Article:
He is directing Timon of Athens for PAC at Broad Street now and it is probably wonderful- I’ll be the second to speculate and respond without having yet seen it, as Adrienne Mackey has been railing against some inane reviews of the show this week, as well.

Hodge comes to the conclusion that to perform classic plays is to become part of a larger heritage. And it soothes him to step into that line of history and, although briefly, take hold of an heirloom handed through from Shakespeare’s time to ours, and then to pass it on.

I don’t find the idea quite as reassuring; I’m still wide awake at night.
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This is a very long essay, and it probably constitutes the end of my interest in NBC’s SMASH. I know that most of you will be happy to hear that.

The second season of Smash begins with Karen Cartwright (Katherine McPhee), dressed as Marilyn Monroe, onstage and singing a song called “Cut, Print… Moving On.” Like all the songs on Smash, it is utterly devoid of context; like all the songs on Smash, it seems impossible that there’s any way to combine it with any of the other songs to form something even resembling a comprehensible musical. All pretense that the in-story show, Bombshell, is really a play that people might actually want to watch is abandoned. The song could have easily been called “Here Is the Beginning of the Second Season, We Have a New Creative Team, We Noticed It Too; Aren’t We All Very Clever?”

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So, the Republican Theater Festival occurred, and all in all, it was really not that big a deal. No fights broke out; I was not required to do karate on disruptively rowdy patrons; I was not asked to use the power of my atomic intellect to rhetorically break a man down into his component parts. So, some disappointments, obviously. But for what had ostensibly seemed like it was going to be a pretty controversial event — one that filled up listservs and email inboxes with hatemail and poorly-worded screeds — it turned out to be a surprisingly non-controversial night on the town.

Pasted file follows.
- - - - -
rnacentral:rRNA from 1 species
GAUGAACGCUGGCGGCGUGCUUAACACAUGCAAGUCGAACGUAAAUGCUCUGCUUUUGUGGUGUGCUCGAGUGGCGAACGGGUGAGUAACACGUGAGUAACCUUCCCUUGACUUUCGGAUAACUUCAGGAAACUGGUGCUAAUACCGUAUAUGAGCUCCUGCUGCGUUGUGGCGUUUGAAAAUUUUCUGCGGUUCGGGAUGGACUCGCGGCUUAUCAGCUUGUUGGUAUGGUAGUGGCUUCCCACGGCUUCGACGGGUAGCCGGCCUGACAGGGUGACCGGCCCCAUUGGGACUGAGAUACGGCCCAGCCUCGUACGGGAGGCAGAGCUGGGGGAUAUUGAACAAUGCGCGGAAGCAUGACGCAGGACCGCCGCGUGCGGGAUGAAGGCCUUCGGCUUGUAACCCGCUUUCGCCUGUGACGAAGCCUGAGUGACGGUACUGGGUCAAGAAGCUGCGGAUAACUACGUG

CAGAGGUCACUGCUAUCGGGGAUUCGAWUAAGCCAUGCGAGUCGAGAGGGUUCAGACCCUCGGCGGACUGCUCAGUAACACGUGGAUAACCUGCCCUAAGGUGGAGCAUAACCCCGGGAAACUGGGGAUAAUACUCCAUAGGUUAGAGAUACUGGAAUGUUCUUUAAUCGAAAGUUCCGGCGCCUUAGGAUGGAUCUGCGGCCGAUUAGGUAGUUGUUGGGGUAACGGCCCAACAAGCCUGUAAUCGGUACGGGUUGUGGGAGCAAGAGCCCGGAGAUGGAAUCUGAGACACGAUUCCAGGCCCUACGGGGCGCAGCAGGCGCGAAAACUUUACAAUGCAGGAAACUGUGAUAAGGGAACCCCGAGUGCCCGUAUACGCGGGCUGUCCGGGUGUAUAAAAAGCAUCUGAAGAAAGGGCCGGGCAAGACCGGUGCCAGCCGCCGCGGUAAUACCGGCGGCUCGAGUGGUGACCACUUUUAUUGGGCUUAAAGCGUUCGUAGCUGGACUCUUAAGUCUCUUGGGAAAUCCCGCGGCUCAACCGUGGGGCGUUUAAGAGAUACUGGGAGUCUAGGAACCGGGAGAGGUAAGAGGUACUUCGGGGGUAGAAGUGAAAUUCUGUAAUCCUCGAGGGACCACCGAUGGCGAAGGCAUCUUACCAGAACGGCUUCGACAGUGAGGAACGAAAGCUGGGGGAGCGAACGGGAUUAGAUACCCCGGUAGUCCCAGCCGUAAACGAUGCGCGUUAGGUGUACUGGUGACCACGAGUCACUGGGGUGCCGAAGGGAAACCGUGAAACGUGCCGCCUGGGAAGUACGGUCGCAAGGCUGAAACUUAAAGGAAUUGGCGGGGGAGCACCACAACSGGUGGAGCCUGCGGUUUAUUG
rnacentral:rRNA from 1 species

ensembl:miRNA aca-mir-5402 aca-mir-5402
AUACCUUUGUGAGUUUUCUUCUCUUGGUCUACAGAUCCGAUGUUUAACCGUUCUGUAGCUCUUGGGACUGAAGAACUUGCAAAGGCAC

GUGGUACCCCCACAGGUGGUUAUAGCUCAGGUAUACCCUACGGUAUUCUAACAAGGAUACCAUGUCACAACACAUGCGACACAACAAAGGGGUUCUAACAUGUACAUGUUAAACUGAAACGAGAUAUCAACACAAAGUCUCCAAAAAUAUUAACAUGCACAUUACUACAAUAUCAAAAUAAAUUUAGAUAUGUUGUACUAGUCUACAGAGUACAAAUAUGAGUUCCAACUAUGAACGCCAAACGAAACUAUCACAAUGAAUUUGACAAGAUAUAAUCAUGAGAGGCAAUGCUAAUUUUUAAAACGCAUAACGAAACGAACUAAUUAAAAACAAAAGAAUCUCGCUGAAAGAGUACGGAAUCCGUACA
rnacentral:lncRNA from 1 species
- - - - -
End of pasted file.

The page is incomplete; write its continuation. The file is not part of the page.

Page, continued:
I am now going to write some things about the plays, and you may consider that, unless I say otherwise, I’m generally just not including the play that I worked on (“Running Amok,” by Quinn D. Eli) in my analysis, for no reason other than I don’t expect you to find my analysis of it objective. Good or bad or what, it’s pretty much off the table. So.

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I’ve got to admit, I don’t know whether those Wilma Theater cats are really happy with the theater that they’ve got. It’s a great big cavernous space, with, I don’t know, three hundred seats or something like that. It can’t be mixed around the way a traditional black box can, though it doesn’t have that weird grandeur that proscenium spaces sometimes have. I don’t know, do you think they like it? Was this is the idea when they built the new theater? “Let’s do a bunch of plays in a space where we can’t rearrange the spacial arrangement between play and audience.”

“Let’s do a Sam Shepard play!”

[Read the rest at the SOE blog]

TQP LOGO readyTwo today, because Holland tricked me by posting yesterday.  I have a hard time knowing what day it is, and it’s not helpful when Holland CHANGES THE SCHEDULE WITHOUT WARNING.  Sweet zombie Jesus, is it Wednesday?  Tuesday?  I don’t god-damn know.

Anyway, here’s a thing I wrote about The Producers, over at my new theater-project blog.  It counts as a TQP post, too, I have decided.

I saw a local theater’s production of Mel Brooks’ musical The Producersa few weeks ago.  Entirely by coincidence, I happened to be there during the talk-back session.  Now, I’ve participated in talk-back sessions before, so I should have known better than to ask serious questions; most of the time, a talk-back is just another opportunity for the actors to blush beneath the gushing weight of the audience’s praise.  It’s not unreasonable; when are you going to see most of these people again?  If you want them to say something nice about you, you need to seize the opportunity.